Document Detail


A randomized trial of an empirically-derived social support intervention to prevent low birthweight among African American women.
MedLine Citation:
PMID:  8888464     Owner:  NLM     Status:  MEDLINE    
Abstract/OtherAbstract:
Previous clinical trials of social support interventions to reduce low birthweight (LBW) have not fully capitalized on findings from social science research, and therefore have not used empirically-derived criteria to define a low social support population or to develop the intervention. To overcome limitations of previous studies, this randomized clinical trial tested the hypothesis that an empirically-derived social support intervention would reduce LBW among African American women. Based on prior work, African American women were identified as at-risk for LBW due to inadequate social support if they lacked support from their mothers or male partners. Focus groups were used in this study to develop a culturally-relevant intervention. Adult low-income African American pregnant women (n = 319) were tested for inadequate social support in mid-pregnancy. Of these, 114 (36%) low-support women were identified and randomly assigned to the intervention group (n = 56) or control group (n = 58). The intervention was designed to provide the support usually provided by the pregnant woman's mother or male partner. It consisted of four standardized face-to-face sessions at two week intervals and telephone contact in the intervening weeks. Birthweight was obtained blinded from charts or birth certificates, with 99% follow-up. The rate of LBW (below 2500 grams) was 9.1% in the intervention group compared to 22.4% in the control group (P < 0.05). Contrary to previous studies, this social support intervention was effective in reducing the rate of LBW. It is promising that this intervention was successful for African Americans because the rate of LBW is twice as high among African Americans than among Caucasians.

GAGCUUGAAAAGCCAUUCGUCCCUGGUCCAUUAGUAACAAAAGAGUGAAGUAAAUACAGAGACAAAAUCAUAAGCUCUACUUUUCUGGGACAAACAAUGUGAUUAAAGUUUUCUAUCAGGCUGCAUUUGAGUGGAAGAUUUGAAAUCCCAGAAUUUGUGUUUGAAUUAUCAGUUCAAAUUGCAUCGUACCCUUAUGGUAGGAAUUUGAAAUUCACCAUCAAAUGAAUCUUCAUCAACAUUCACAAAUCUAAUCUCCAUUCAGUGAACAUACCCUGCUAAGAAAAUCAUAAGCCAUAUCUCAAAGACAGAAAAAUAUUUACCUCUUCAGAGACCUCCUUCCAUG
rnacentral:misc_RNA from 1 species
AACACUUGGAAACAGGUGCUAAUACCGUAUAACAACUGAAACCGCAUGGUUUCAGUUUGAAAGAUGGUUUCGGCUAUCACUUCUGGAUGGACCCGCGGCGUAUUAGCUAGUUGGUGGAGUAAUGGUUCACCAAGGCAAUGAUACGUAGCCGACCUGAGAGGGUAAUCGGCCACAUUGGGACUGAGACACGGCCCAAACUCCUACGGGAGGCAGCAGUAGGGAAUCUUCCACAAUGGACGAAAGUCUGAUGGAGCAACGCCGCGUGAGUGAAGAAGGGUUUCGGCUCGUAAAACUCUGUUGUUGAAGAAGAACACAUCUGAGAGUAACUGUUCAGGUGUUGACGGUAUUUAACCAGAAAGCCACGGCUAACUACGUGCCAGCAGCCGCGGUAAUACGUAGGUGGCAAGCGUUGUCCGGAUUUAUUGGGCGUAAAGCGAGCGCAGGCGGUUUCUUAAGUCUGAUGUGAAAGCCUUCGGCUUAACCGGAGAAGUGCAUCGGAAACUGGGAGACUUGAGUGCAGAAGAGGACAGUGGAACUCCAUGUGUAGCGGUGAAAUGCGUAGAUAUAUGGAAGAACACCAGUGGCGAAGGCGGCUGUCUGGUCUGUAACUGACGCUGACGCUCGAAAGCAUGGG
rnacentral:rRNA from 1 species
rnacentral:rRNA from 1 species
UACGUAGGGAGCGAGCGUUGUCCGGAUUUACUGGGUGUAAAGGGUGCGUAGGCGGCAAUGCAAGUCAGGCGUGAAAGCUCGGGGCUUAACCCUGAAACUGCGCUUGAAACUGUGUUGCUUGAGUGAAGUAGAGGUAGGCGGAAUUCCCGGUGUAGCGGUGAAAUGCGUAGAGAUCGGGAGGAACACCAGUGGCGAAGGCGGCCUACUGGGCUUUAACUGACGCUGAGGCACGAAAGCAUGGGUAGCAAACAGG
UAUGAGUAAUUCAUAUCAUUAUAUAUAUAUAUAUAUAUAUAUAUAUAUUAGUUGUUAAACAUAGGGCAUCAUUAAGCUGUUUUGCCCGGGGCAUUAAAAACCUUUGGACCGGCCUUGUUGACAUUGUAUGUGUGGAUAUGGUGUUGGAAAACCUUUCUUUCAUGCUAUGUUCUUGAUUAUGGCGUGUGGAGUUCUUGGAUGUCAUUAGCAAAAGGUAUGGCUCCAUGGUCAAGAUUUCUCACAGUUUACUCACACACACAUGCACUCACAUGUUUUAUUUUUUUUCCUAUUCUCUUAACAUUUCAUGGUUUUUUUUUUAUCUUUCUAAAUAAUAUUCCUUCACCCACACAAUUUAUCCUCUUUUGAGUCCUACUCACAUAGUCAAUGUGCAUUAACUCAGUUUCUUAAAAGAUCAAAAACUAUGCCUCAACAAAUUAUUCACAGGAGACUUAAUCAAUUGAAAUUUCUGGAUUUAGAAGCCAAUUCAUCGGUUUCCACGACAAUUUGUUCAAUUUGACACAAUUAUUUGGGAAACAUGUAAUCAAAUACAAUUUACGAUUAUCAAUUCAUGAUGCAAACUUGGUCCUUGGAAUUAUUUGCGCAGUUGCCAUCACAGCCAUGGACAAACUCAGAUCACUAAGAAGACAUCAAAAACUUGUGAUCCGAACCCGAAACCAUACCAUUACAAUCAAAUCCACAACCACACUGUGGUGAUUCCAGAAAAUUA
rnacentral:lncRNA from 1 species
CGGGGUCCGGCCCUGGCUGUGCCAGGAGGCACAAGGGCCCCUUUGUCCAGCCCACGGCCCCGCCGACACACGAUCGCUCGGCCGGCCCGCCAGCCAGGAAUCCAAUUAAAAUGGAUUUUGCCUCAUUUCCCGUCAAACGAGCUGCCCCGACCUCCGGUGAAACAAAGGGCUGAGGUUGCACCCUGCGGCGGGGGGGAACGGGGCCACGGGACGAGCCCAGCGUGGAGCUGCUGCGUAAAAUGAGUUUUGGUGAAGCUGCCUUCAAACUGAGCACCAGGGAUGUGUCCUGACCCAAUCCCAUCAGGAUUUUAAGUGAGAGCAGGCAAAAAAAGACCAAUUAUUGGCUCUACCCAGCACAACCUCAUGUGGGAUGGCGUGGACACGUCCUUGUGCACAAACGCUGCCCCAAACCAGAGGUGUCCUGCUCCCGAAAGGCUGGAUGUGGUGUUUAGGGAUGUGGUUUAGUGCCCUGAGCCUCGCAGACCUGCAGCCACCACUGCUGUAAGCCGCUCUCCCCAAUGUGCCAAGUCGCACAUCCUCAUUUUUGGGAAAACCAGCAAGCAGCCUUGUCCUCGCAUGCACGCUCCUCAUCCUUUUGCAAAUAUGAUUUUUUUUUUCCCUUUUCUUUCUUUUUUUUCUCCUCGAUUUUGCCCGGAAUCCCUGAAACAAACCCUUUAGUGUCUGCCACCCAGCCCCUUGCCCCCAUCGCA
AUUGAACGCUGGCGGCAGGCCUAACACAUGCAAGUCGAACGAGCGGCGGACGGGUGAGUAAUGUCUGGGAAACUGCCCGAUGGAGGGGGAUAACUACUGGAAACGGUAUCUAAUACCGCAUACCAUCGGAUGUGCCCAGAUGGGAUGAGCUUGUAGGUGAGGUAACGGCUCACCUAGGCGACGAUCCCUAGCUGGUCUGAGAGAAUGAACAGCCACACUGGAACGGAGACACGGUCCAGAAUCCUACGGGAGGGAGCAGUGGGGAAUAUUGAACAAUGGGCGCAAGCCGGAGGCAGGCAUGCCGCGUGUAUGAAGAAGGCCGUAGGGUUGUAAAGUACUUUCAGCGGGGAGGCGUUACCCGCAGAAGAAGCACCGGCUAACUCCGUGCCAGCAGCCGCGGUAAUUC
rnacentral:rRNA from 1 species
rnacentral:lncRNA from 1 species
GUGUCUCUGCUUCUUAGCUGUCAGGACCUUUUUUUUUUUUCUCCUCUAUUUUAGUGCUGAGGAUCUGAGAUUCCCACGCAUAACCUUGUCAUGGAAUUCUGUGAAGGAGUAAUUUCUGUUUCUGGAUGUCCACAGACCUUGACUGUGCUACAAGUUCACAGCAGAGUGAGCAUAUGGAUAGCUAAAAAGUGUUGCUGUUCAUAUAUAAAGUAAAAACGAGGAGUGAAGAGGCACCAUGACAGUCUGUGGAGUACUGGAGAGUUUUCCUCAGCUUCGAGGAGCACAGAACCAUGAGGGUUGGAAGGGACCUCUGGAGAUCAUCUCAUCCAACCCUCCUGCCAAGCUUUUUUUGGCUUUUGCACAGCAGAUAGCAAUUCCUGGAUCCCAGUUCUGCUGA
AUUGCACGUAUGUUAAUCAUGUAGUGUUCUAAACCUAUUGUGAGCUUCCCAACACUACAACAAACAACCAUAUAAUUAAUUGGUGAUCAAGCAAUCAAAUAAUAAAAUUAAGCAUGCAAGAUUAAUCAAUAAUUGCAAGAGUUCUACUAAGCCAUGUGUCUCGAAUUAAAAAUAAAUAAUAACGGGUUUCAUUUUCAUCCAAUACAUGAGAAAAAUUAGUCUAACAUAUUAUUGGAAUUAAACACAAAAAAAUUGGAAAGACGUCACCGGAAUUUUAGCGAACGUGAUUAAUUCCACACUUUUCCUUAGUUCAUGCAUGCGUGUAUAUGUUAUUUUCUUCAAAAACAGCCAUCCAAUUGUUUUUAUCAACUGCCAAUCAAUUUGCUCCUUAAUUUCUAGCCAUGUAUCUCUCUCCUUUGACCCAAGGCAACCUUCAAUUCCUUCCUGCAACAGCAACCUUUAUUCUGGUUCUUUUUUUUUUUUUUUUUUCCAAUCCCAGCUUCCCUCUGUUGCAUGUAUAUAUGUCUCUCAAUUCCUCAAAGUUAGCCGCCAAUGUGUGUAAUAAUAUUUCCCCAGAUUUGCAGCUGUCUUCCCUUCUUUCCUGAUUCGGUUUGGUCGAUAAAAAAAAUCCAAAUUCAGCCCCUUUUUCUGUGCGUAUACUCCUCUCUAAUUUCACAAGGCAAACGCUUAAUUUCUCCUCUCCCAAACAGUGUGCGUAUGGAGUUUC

Authors:
J S Norbeck; J F DeJoseph; R T Smith
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Publication Detail:
Type:  Clinical Trial; Journal Article; Randomized Controlled Trial; Research Support, U.S. Gov't, P.H.S.    
Journal Detail:
Title:  Social science & medicine (1982)     Volume:  43     ISSN:  0277-9536     ISO Abbreviation:  Soc Sci Med     Publication Date:  1996 Sep 
Date Detail:
Created Date:  1997-01-27     Completed Date:  1997-01-27     Revised Date:  2007-11-14    
Medline Journal Info:
Nlm Unique ID:  8303205     Medline TA:  Soc Sci Med     Country:  ENGLAND    
Other Details:
Languages:  eng     Pagination:  947-54     Citation Subset:  IM    
Affiliation:
School of Nursing, University of California, San Francisco 94143-0604, USA
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MeSH Terms
Descriptor/Qualifier:
Adolescent
Adult
African Americans*
Female
Humans
Infant, Low Birth Weight*
Infant, Newborn
Male
Maternal-Child Nursing / methods*
Nursing Evaluation Research
Poverty
Pregnancy
Pregnancy, High-Risk / ethnology*
Single-Blind Method
Social Support*
Grant Support
ID/Acronym/Agency:
R01 NR01459/NR/NINR NIH HHS
Comments/Corrections
Comment In:
Soc Sci Med. 1997 Sep;45(5):797, 799   [PMID:  9226802 ]

From MEDLINE®/PubMed®, a database of the U.S. National Library of Medicine


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